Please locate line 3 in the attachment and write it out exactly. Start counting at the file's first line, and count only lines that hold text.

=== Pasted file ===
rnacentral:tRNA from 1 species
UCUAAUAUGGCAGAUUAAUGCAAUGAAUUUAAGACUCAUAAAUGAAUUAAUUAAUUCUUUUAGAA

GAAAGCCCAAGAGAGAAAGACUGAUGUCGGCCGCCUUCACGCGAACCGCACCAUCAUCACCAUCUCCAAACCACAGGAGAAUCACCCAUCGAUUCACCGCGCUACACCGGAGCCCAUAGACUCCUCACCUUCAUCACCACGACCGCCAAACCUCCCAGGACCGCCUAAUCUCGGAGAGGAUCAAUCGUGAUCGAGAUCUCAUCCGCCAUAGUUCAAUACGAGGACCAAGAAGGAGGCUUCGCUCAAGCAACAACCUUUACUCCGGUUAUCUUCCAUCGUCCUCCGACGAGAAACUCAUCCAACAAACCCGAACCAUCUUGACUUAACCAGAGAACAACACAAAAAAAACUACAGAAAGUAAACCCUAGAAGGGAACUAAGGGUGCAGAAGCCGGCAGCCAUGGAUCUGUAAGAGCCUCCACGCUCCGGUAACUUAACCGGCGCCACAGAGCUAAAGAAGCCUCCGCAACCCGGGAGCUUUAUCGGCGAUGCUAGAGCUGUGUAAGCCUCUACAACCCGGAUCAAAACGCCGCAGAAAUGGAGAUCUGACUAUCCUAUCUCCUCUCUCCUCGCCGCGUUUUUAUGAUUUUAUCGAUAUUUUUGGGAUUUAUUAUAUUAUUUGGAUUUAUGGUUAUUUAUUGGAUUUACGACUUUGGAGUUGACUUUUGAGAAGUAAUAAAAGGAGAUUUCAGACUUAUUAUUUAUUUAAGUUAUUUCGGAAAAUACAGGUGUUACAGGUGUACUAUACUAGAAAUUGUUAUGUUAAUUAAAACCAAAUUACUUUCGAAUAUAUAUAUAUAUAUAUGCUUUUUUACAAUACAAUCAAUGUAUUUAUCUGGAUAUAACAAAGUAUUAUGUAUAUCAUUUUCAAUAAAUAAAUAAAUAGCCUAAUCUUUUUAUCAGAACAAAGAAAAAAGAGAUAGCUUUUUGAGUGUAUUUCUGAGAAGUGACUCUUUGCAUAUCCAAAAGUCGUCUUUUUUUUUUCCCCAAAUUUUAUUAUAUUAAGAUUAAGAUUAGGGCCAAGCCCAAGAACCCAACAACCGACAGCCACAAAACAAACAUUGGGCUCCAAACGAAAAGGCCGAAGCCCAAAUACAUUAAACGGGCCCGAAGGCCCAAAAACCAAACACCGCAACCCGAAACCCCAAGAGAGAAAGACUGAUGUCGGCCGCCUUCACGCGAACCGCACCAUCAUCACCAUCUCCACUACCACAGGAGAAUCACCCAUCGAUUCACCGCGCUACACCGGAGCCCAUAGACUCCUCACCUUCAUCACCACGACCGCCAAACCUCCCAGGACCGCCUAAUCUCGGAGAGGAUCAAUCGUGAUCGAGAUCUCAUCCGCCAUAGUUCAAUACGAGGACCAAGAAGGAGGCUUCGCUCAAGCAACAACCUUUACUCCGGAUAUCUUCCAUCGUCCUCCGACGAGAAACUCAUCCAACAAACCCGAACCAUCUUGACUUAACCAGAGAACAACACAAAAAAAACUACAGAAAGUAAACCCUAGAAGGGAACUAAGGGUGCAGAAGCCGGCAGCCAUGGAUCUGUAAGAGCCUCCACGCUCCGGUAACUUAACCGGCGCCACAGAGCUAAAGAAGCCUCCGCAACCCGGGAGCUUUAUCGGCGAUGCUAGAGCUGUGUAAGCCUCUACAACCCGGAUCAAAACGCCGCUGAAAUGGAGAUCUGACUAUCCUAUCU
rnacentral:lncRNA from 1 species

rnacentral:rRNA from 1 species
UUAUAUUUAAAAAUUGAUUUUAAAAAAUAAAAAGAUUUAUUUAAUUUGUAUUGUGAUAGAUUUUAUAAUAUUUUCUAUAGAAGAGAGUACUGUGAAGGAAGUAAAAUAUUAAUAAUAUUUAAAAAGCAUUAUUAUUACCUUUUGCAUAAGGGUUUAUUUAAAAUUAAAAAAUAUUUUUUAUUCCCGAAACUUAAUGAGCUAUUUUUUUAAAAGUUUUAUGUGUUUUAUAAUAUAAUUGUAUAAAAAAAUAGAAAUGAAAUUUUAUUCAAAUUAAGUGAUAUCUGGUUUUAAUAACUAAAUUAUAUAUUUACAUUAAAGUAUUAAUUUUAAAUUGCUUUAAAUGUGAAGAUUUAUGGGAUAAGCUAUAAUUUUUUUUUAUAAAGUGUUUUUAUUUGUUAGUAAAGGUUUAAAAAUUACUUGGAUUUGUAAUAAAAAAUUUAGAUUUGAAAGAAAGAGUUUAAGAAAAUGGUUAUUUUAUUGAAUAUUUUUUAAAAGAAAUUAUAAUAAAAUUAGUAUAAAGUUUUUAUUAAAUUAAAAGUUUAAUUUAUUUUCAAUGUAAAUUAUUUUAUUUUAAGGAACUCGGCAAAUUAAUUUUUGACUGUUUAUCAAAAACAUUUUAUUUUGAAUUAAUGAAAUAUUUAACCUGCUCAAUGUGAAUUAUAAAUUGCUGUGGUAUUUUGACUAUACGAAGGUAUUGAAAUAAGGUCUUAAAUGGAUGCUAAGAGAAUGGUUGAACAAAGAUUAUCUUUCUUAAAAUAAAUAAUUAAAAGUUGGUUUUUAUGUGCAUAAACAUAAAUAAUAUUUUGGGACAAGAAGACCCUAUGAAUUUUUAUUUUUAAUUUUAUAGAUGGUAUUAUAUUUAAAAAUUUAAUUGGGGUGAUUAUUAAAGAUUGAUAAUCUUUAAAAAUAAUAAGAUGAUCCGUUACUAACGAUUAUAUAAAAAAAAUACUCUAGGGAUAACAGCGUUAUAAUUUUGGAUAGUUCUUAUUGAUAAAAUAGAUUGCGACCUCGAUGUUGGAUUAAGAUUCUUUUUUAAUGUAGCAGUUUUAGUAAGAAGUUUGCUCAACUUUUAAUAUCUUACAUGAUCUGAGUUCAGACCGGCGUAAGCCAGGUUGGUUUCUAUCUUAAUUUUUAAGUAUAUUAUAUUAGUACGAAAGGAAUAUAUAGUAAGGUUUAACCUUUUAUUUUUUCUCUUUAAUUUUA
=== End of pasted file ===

GAAAGCCCAAGAGAGAAAGACUGAUGUCGGCCGCCUUCACGCGAACCGCACCAUCAUCACCAUCUCCAAACCACAGGAGAAUCACCCAUCGAUUCACCGCGCUACACCGGAGCCCAUAGACUCCUCACCUUCAUCACCACGACCGCCAAACCUCCCAGGACCGCCUAAUCUCGGAGAGGAUCAAUCGUGAUCGAGAUCUCAUCCGCCAUAGUUCAAUACGAGGACCAAGAAGGAGGCUUCGCUCAAGCAACAACCUUUACUCCGGUUAUCUUCCAUCGUCCUCCGACGAGAAACUCAUCCAACAAACCCGAACCAUCUUGACUUAACCAGAGAACAACACAAAAAAAACUACAGAAAGUAAACCCUAGAAGGGAACUAAGGGUGCAGAAGCCGGCAGCCAUGGAUCUGUAAGAGCCUCCACGCUCCGGUAACUUAACCGGCGCCACAGAGCUAAAGAAGCCUCCGCAACCCGGGAGCUUUAUCGGCGAUGCUAGAGCUGUGUAAGCCUCUACAACCCGGAUCAAAACGCCGCAGAAAUGGAGAUCUGACUAUCCUAUCUCCUCUCUCCUCGCCGCGUUUUUAUGAUUUUAUCGAUAUUUUUGGGAUUUAUUAUAUUAUUUGGAUUUAUGGUUAUUUAUUGGAUUUACGACUUUGGAGUUGACUUUUGAGAAGUAAUAAAAGGAGAUUUCAGACUUAUUAUUUAUUUAAGUUAUUUCGGAAAAUACAGGUGUUACAGGUGUACUAUACUAGAAAUUGUUAUGUUAAUUAAAACCAAAUUACUUUCGAAUAUAUAUAUAUAUAUAUGCUUUUUUACAAUACAAUCAAUGUAUUUAUCUGGAUAUAACAAAGUAUUAUGUAUAUCAUUUUCAAUAAAUAAAUAAAUAGCCUAAUCUUUUUAUCAGAACAAAGAAAAAAGAGAUAGCUUUUUGAGUGUAUUUCUGAGAAGUGACUCUUUGCAUAUCCAAAAGUCGUCUUUUUUUUUUCCCCAAAUUUUAUUAUAUUAAGAUUAAGAUUAGGGCCAAGCCCAAGAACCCAACAACCGACAGCCACAAAACAAACAUUGGGCUCCAAACGAAAAGGCCGAAGCCCAAAUACAUUAAACGGGCCCGAAGGCCCAAAAACCAAACACCGCAACCCGAAACCCCAAGAGAGAAAGACUGAUGUCGGCCGCCUUCACGCGAACCGCACCAUCAUCACCAUCUCCACUACCACAGGAGAAUCACCCAUCGAUUCACCGCGCUACACCGGAGCCCAUAGACUCCUCACCUUCAUCACCACGACCGCCAAACCUCCCAGGACCGCCUAAUCUCGGAGAGGAUCAAUCGUGAUCGAGAUCUCAUCCGCCAUAGUUCAAUACGAGGACCAAGAAGGAGGCUUCGCUCAAGCAACAACCUUUACUCCGGAUAUCUUCCAUCGUCCUCCGACGAGAAACUCAUCCAACAAACCCGAACCAUCUUGACUUAACCAGAGAACAACACAAAAAAAACUACAGAAAGUAAACCCUAGAAGGGAACUAAGGGUGCAGAAGCCGGCAGCCAUGGAUCUGUAAGAGCCUCCACGCUCCGGUAACUUAACCGGCGCCACAGAGCUAAAGAAGCCUCCGCAACCCGGGAGCUUUAUCGGCGAUGCUAGAGCUGUGUAAGCCUCUACAACCCGGAUCAAAACGCCGCUGAAAUGGAGAUCUGACUAUCCUAUCU